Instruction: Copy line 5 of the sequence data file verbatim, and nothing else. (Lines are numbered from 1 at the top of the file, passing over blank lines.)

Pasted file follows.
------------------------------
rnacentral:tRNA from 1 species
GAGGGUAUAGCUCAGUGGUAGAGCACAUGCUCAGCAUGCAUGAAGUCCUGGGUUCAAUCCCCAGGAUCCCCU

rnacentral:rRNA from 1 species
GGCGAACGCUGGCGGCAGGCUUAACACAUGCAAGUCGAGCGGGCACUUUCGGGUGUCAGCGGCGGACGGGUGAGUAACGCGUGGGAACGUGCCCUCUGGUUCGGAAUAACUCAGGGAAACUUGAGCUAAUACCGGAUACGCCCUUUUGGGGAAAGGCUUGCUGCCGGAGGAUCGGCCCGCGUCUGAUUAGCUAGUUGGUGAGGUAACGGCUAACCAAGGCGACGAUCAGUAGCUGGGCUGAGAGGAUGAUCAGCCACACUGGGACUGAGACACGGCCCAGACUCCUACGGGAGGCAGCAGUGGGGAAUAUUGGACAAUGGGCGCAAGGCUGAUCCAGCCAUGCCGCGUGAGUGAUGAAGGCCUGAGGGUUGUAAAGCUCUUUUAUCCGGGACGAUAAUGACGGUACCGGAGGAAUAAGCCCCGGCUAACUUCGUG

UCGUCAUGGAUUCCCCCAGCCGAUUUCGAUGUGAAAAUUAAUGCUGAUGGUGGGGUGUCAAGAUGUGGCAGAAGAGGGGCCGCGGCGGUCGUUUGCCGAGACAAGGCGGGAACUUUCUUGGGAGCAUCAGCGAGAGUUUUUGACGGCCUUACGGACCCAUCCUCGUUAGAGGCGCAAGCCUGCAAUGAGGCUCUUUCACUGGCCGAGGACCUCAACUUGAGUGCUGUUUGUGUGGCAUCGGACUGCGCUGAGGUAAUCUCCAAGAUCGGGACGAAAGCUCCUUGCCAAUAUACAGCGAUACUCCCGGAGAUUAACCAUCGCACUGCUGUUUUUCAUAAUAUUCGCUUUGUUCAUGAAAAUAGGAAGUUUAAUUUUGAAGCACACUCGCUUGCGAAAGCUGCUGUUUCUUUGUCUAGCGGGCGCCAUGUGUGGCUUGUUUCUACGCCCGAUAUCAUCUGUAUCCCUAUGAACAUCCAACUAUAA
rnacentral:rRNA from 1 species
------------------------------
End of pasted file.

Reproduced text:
UCGUCAUGGAUUCCCCCAGCCGAUUUCGAUGUGAAAAUUAAUGCUGAUGGUGGGGUGUCAAGAUGUGGCAGAAGAGGGGCCGCGGCGGUCGUUUGCCGAGACAAGGCGGGAACUUUCUUGGGAGCAUCAGCGAGAGUUUUUGACGGCCUUACGGACCCAUCCUCGUUAGAGGCGCAAGCCUGCAAUGAGGCUCUUUCACUGGCCGAGGACCUCAACUUGAGUGCUGUUUGUGUGGCAUCGGACUGCGCUGAGGUAAUCUCCAAGAUCGGGACGAAAGCUCCUUGCCAAUAUACAGCGAUACUCCCGGAGAUUAACCAUCGCACUGCUGUUUUUCAUAAUAUUCGCUUUGUUCAUGAAAAUAGGAAGUUUAAUUUUGAAGCACACUCGCUUGCGAAAGCUGCUGUUUCUUUGUCUAGCGGGCGCCAUGUGUGGCUUGUUUCUACGCCCGAUAUCAUCUGUAUCCCUAUGAACAUCCAACUAUAA